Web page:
Senate Democrats push to tie green-power tax credits to transportation bill as ‘extenders’ window closes
Senate Democrats today plan to propose attaching a longer life for two tax credits hotly sought by renewable energy companies to a two-year transportation bill as the long-term fate of those “extenders” remains in limbo.
The two amendments pitched by Sen. John Kerry (D-Mass.) to the transportation bill ahead of a Finance Committee markup set for this afternoon would extend the wind production tax credit until 2013 and revive a Treasury Department program that gave renewables producers grants in lieu of a tax credit before it expired at the end of last year.
The Democratic measures, co-sponsored by Senate Energy and Natural Resources Chairman Jeff Bingaman (D-N.M.), are part of a passel of amendments that the Finance panel is scheduled to consider today during its debate over $9.6 billion in offsets for a new transportation package (see related story)
Kerry said last night that his bid to extend the wind credit and the Treasury renewables program known as Section 1603 – which lost much of its political momentum following the collapse of government-backed solar firm Solyndra – would be offset in part by repealing oil and gas tax breaks targeted repeatedly by Democrats over the past year.
He added that Democrats would not abandon their search for a politically workable opening to extend the renewables credits. “We’ve got to get it done,” Kerry said. “I’ll take any vehicle we can get it done on.”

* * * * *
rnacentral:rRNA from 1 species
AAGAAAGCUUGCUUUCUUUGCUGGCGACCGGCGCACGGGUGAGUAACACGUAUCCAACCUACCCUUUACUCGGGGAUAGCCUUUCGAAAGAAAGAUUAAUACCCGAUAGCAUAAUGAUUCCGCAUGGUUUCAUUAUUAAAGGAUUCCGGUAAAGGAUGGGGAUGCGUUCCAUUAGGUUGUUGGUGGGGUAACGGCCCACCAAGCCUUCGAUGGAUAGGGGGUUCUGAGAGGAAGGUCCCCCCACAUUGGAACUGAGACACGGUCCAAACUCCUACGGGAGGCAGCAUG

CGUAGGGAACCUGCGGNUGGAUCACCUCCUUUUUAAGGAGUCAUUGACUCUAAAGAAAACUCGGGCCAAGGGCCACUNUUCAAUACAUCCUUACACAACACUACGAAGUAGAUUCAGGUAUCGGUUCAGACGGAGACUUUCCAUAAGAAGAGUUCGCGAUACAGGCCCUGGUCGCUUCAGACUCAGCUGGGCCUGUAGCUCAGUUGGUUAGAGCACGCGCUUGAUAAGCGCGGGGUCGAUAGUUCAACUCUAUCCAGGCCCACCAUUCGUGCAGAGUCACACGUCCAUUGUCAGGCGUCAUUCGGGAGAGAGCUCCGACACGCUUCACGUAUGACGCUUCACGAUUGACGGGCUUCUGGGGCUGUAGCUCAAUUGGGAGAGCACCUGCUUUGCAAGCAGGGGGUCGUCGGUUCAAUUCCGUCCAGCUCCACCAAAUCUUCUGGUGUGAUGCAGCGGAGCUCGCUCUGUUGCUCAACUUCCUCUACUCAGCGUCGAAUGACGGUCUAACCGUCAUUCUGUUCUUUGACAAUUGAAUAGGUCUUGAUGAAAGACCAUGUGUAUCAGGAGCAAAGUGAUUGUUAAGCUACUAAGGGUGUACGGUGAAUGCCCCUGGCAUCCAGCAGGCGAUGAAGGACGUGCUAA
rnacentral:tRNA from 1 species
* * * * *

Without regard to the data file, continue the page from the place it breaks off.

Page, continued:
Finance Chairman Max Baucus (D-Mont.) is mounting a push to make a final payroll tax-cut and unemployment insurance package a vehicle to re-up some of the dozens of tax “extenders” that expired last year or are set to run out at the end of this year (E&E Daily, Feb. 1). But that effort faces already-apparent opposition from Republicans involved in the payroll tax talks as well as some Democrats who would rather see the negotiations not mire in partisan back-and-forth over energy credits.
“To the extent that there’s consensus in moving forward with some of the energy-related tax extenders” as part of the payroll tax and unemployment insurance plan before Congress’ deadline of Feb. 29, “that’s fine,” Rep. Chris Van Hollen (D-Md.) said in an interview late last week.
But Van Hollen, who joins Baucus on the Democratic side of the aisle on the conference, added that lawmakers’ “priority needs to be” the Social Security tax relief, unemployment insurance extension and adjustments to Medicare payments.
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